TRADITIONAL hot rodders have a strong affinity for vintage powerplants and the niche aftermarket offerings that go along with them. Fashioning and driving period-sensitive rods is a way of connecting to the pioneers of both drag racing and automotive modification.
First published in the February 2022 issue of Street Machine
It’s that passion that led mates and Barons Moto Club members Tim Miller and Paul Mortimer to reissue the uber-rare Frenzel supercharger, under the Frenzel Supercharger Co banner.
Only 12 Frenzels were originally produced back in 1949, making them an esteemed early blower for Henry’s venerable sidevalve V8, the ‘flathead’.
Tim and Paul knew the scarcity of the American-built blower, so when one popped up for sale in Australia, the pair snapped it up to use as a base for producing new Frenzels.
“In 1949, Frenzel was the only supercharger that sat vertically, using spur gears, which meant the unit consumed less horsepower,” Paul says. “It was said to make up to 6psi, whereas the McCulloch supercharger sat flat or horizontal and was said to make around 2-4psi – if the stars aligned! The original advertising and testing showed up to 40 per cent additional horsepower by adding a Frenzel to a stock motor.”
While there’s no fresh figures from the newly minted blowers, it’s of little consequence to keen enthusiasts chasing nostalgia over power. For Tim and Paul, authenticity is their key focus.
“We’ve strived to recreate the unit exactly like the one built in 1949, taking patterns directly from the original, then casting in 601-grade aluminium,” Tim says. “We’ve spared no expense in making sure every little detail is correct, from exact recreations of the impeller through to having them dynamically balanced and weighted to match the original. That’s why the pulleys and gearing are also handmade – to be true to the 1949 production. We could have saved money by cutting corners, but we wanted to do it right.”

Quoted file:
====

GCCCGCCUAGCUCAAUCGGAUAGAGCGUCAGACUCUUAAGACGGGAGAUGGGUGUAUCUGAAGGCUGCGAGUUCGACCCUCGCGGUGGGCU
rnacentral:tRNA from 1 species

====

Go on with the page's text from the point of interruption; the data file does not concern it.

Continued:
The reissued Frenzel features a 71⁄2-inch impeller that’s been CNC-machined from high-tensile alloy, with a 3.93:1 gear ratio. Twin-belt pulleys on both the water pump and crank are required to run the blower; these are all available new, along with tensioners for both the early- and later-style flatheads.
Also on offer are new dual-carb manifolds to suit Stromberg carbs, along with the Strommies themselves and linkages – the lads have done this to keep with Frenzel’s original design.
The first two prototypes were put through the wringer on two different engines in Tim’s 1930 Model A roadster – one an early, 21-stud, 221ci flathead that he used for The Rattletrap beach sprints earlier this year; the other an Isky-cammed 8BA. However, for our photoshoot, the Frenzel was strapped to a 50s show-inspired donk dubbed ‘The Golden Nugget’, a stock, low-compression, 8RT-headed 239ci flathead.
Tweaks were made with each prototype, and now the first production run of 20 units is underway. “The first lot of superchargers will be finished early in 2022 and shipped off to our waiting customers,” Tim says. Pricing is yet to be determined.
While an American company has recently launched its own version of the same blower, Tim and Paul have trademarked the name and believe their product is the most accurate reissue of the Frenzel.
Much of the Frenzel supercharger story is steeped in mystery, though Paul and Tim plan on nailing down as many details about it as they can, as a tribute both to the blower itself and its race-going creator, whose first name remains the subject of conjecture.
However, everyone tends to agree that in 1949 Mr Frenzel produced 12 units, three of which were stolen en route to a California speed shop. Recently a registry of those that remain was set up, with nearly all vintage pieces now accounted for.